SockBot appears to still be in development

Given that SockBot had no functionality in order to display ads in order to commit ad fraud, researchers concluded that the malware was discovered while still in development. This is not the first time large botnet infections have been found targeting Android users. WireX and GhostClicker have been added to the list of users should be aware of.

WireX, which surfaced at the end of August, prompted a coalition of security firms to team up and combat the threat which actively executing DDoS attacks. Security researchers from Akamai, CloudFlare, Flashpoint, Google, Oracle Dyn, RiskIQ, Team Cymru worked to together to stop the threat posed. WireX was distributed in a similar method to SockBot but also included other third-party app vendors. Researcher’s discovered that the malware was capable of performing powerful DDoS attacks. Some attacks came to the attention of law enforcement as occasionally a ransom was demanded by the attackers. In mid-August, researchers managed to determine that the botnet was capable of launching DDoS attacks using bots spread across over 120,000 unique IP addresses.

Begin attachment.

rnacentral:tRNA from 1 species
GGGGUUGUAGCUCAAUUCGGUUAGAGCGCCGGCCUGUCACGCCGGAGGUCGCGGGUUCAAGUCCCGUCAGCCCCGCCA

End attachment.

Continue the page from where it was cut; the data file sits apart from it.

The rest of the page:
sockbot discovered

Due to the collation of data by multiple security firms, information could be quickly utilized to remove over 300 Android apps carrying the malicious malware. Given that in the past one security firm did not necessarily have the resources available to stop a massive botnet event. By working together firms prevented the attackers from getting a foothold and becoming harder to eradicate. Once attacks get a foothold creators can evolve the malware to prevent detection and removal as has been seen with many banking Trojans.

GhostClicker, like the above two examples, was distributed via the Google Play Store. In total, the adware was found in 340 apps. GhostClicker worked by tapping on ads for the adware operator’s profit. It does not tap on any ads, but only those served via Google’s AdMob platform. GhostClicker utilized a second method to generate profits. GhostClicker also participates in traffic redirection affiliate schemes by showing popups and ads over other apps, trying to redirect users to various pages, such as YouTube links for example. Through analysis, it was determined that Ghostclicker was created solely for profit as it was not capable of stealing user information.